English, Department of



The LSU English Department has an illustrious history, once boasting having Pulitzer Prize winning novelist and poet Robert Penn Warren, author of All the King’s Men, and critic Cleanth Brooks, a founder of the New Criticism, on its faculty.  Today we continue that tradition of creative writing and innovative criticism by offering concentrations in Literature, Creative Writing, Secondary Education, and Rhetoric, Writing, and Culture.  Our faculty has published on everything from Chaucer to comic books. Our teachers have won numerous University awards and are eager to serve the diverse students who come to LSU.  Our undergraduates have gone on to a wide variety of careers, including law, medicine, business, journalism, advertising, the arts, and education.  Our graduate students have gone on to academic careers, as well as careers in education and the arts.     

Go to Undergraduate and Graduate Course Descriptions to see examples of what our Department has to offer and browse “About Us” to learn about our faculty, journals, and more. 

Professor Joseph Kronick
Chair, Department of English


Zack Godshall laughing man

Award-Winning Louisiana Filmmaker, LSU Associate Professor Zack Godshall to Screen New Documentary Feature

“The Laughing Man,” a feature documentary by LSU Associate Professor of Creative Writing & Screen Arts Zack Godshall, will play at the Manship Theatre on Wednesday, Oct. 5, at 7:30 p.m. The film will be followed by a panel discussion about issues of homelessness.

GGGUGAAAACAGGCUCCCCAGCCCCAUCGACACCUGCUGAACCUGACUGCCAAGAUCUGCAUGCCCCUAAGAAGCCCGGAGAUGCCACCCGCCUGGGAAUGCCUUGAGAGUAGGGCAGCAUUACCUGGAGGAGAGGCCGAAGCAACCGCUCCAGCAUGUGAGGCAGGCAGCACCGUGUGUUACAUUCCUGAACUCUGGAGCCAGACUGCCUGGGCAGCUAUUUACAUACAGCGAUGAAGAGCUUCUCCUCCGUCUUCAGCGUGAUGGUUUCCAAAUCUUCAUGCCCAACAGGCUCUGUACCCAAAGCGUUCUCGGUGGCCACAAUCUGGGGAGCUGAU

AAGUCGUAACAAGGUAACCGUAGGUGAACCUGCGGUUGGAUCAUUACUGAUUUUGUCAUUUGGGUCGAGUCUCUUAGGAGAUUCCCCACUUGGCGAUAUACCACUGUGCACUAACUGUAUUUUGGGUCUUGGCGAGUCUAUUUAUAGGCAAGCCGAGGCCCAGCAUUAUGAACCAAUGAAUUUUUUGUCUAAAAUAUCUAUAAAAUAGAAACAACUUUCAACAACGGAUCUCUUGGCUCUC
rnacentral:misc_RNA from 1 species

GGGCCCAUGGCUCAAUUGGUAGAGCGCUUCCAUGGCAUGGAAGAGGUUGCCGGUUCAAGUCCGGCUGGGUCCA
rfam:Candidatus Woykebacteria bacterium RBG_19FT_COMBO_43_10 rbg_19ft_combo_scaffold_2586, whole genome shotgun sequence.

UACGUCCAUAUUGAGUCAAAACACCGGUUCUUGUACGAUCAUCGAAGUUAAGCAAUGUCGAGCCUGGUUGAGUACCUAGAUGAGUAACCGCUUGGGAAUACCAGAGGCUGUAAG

LSU Ph.D. candidate examines themes and androids from “Blade Runner”

Seeing a world increasing its reliance on artificial intelligence, or AI, LSU Ph.D. candidate Zita Hüsing decided to take a closer look at AI through fiction. Using the fictional androids seen in the movie “Blade Runner,” Hüsing is examining how AI plays a part in American labor and capitalism, and its impact on disability, race and gender. Hüsing, who is originally from Stuttgart, Germany, is in her fourth year in the English Ph.D. program.

“My research and teaching areas are primarily 20th and 21st century American literature and science fiction studies while also engaging in African American studies, disability studies, and women and gender studies,” Hüsing said.

She shares more insight into her research, and its implications on the world around us. 




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Graduate Course Offerings

Undergraduate Course Offerings